"I was too focused on my own survival to notice, but I was told later that it was even more horrifying and heartbreaking for the crew to watch than the previous four days had been," she wrote.

Hedren's final straw was when a bird pecked her dangerously close to her eye. She told the director "I'm done" and sobbed until everyone left the room. Hedren was reluctantly given a week off on a doctor's recommendation.

Salma Hayek nearly quit Frida over Harvey Weinstein

Salma Hayek's portrayal of Frida in the eponymous 2003 film led her to an Oscar nomination, but behind-the-scenes, the actress was living a nightmare. In late 2017, Hayek bravely penned an op-ed in The New York Times outlining the alleged abuses she faced at the hands of movie mogul Harvey Weinstein while filming the biopic. The lesbian sex scene was her breaking point.

Hayek claimed that over the years she repeatedly said "no" to Weinstein's sexual advances, which allegedly included requests for oral sex and massages. When she refused, she said she was met with "Machiavellian rage." Though Harvey allegedly threatened to fire her from Frida (both as a producer and actress,) Hayek said the harassment stopped when she got lawyers involved and started filming. He later allegedly threatened to fire her again unless she filmed a sex scene with a woman that showed full-frontal nudity.

"It was clear to me he would never let me finish this movie without him having his fantasy one way or another. There was no room for negotiation," she wrote. "I had to say yes. By now so many years of my life had gone into this film." The thought of being naked for Weinstein was so traumatizing that Hayek repeatedly vomited and had to take a tranquilizer.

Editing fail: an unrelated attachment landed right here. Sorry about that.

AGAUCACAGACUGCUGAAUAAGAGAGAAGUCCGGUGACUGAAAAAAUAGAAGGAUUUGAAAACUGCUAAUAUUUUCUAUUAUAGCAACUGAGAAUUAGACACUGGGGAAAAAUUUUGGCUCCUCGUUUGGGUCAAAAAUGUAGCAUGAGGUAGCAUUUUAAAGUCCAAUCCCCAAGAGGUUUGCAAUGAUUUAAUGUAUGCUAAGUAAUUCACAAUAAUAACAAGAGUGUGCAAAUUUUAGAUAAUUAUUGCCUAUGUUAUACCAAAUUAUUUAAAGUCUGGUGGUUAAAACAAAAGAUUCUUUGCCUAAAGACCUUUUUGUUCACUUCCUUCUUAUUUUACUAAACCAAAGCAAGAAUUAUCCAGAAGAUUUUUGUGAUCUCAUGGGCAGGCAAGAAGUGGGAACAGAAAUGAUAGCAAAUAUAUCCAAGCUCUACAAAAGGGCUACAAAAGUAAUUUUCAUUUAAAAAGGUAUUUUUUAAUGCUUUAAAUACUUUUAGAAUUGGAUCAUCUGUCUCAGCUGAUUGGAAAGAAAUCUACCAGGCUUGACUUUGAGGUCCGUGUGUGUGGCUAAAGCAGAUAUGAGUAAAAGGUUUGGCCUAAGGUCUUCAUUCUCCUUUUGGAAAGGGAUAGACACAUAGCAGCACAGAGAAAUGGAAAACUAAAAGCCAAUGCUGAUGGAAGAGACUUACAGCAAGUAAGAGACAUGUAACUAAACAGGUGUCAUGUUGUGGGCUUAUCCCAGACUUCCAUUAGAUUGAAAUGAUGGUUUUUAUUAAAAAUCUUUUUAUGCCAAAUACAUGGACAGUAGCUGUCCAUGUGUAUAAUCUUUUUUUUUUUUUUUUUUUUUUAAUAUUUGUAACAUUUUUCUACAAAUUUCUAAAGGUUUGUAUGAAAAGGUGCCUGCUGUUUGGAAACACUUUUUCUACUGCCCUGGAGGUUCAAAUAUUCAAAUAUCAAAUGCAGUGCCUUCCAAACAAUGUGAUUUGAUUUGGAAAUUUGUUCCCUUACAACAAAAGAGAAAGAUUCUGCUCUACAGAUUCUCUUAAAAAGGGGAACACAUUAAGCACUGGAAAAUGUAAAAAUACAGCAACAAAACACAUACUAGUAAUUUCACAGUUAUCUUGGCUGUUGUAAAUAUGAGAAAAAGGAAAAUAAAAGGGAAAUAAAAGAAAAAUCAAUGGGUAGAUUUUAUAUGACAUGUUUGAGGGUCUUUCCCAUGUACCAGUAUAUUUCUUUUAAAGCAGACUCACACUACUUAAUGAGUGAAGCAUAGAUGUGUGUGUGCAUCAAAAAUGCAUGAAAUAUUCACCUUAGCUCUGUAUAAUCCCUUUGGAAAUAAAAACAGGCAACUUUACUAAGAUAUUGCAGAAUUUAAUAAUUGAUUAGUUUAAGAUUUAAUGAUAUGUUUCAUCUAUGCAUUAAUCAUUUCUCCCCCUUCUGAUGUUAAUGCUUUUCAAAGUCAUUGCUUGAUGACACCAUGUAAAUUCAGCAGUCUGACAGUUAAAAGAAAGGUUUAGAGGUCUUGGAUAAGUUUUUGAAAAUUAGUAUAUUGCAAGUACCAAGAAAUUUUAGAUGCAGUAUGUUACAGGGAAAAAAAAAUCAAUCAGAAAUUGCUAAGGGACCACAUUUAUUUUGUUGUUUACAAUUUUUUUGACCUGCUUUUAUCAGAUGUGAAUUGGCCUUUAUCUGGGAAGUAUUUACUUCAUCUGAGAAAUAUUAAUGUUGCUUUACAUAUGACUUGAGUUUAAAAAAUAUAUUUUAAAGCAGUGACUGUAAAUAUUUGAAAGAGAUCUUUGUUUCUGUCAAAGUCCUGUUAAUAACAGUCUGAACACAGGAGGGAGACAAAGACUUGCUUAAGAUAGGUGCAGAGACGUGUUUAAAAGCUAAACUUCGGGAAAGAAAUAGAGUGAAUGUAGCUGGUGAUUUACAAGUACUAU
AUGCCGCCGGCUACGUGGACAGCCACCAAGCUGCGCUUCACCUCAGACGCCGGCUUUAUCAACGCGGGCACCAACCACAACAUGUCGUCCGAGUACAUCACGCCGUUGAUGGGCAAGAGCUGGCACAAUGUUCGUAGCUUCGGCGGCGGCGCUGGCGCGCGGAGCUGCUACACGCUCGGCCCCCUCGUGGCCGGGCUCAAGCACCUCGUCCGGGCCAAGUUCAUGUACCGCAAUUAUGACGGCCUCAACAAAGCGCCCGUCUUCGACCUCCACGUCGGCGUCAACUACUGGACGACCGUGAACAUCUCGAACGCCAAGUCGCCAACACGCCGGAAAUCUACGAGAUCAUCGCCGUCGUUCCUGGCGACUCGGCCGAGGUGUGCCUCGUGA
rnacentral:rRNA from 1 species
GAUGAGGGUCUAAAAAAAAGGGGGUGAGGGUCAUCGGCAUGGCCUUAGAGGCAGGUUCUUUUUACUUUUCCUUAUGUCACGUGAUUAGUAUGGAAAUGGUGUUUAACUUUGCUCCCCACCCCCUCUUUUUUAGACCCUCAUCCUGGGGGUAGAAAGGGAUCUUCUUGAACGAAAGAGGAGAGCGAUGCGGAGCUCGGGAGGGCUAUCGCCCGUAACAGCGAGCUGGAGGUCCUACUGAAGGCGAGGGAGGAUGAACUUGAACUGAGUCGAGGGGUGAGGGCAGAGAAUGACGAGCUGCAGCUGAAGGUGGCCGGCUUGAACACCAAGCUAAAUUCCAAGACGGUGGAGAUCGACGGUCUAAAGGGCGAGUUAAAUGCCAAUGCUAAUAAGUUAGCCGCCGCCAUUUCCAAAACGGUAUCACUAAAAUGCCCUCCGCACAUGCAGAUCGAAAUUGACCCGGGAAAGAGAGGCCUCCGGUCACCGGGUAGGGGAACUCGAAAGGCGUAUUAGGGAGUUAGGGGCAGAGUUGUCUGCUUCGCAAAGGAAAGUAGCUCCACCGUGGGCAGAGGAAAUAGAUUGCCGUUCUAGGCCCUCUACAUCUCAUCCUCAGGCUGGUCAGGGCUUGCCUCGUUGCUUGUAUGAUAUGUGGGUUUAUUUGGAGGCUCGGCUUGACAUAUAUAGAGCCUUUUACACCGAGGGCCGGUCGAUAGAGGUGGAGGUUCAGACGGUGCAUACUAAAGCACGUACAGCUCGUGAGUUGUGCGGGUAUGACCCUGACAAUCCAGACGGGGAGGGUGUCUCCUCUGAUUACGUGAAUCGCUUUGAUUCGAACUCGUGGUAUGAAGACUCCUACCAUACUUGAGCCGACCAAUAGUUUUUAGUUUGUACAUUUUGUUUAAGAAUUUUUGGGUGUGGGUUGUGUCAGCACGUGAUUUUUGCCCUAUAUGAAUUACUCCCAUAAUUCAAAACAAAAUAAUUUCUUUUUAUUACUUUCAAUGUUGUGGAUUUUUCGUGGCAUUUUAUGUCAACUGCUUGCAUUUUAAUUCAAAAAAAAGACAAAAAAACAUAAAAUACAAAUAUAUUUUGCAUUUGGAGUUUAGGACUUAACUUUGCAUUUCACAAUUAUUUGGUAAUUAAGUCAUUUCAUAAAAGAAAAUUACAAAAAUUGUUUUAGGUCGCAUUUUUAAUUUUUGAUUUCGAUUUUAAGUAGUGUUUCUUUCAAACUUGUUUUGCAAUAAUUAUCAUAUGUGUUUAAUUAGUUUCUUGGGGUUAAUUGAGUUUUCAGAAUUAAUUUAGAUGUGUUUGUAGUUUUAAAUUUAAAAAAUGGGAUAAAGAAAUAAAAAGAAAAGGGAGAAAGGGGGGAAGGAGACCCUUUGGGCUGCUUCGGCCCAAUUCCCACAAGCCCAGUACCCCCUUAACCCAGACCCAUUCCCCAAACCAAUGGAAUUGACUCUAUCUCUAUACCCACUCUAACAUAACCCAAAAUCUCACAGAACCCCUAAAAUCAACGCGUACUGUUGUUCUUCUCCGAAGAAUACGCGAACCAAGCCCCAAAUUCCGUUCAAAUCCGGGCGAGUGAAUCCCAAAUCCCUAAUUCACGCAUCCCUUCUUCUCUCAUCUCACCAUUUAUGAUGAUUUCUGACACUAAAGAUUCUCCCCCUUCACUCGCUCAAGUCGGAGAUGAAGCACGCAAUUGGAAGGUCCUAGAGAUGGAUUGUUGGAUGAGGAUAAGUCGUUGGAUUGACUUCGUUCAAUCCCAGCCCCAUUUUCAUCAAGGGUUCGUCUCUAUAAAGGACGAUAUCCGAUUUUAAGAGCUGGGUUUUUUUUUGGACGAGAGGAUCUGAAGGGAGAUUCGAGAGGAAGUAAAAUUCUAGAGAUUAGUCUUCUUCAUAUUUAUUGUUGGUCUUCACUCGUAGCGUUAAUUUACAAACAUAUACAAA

Weinstein was fired from his studio in October 2017 amidst numerous allegations from more than 30 women and is being investigated by police in New York, Los Angeles, and London.

Jim Carrey's costume made his heart shrink three sizes

Jim Carrey bit off a little more than he could chew when he signed up to play the grouchy, green monster in How the Grinch Stole Christmas. In fact, he almost didn't make it past the first day of filming. To become the beloved villain, Carrey had to spend around eight and a half hours in hair and makeup — a grueling process that allegedly turned him into a real-life Grinch behind-the-scenes.

"The first day was eight and a half hours, and I went back to my trailer and put my leg through the wall, and I told [director] Ron Howard that I couldn't do the movie," Carrey said in an interview on The Graham Norton Show.

To solve the problem, producer Brian Grazer hired a former CIA specialist to help Carrey learn how to withstand literal torture. It turns out that the makeup artists probably could have benefited from the same training. Special-effects makeup artist Kazuhiro Tsuji admitted to Vulture that he started seeing a therapist after dealing with Carrey's erratic behavior on set.

Daisy Ridley wanted to hightail it to a galaxy far, far away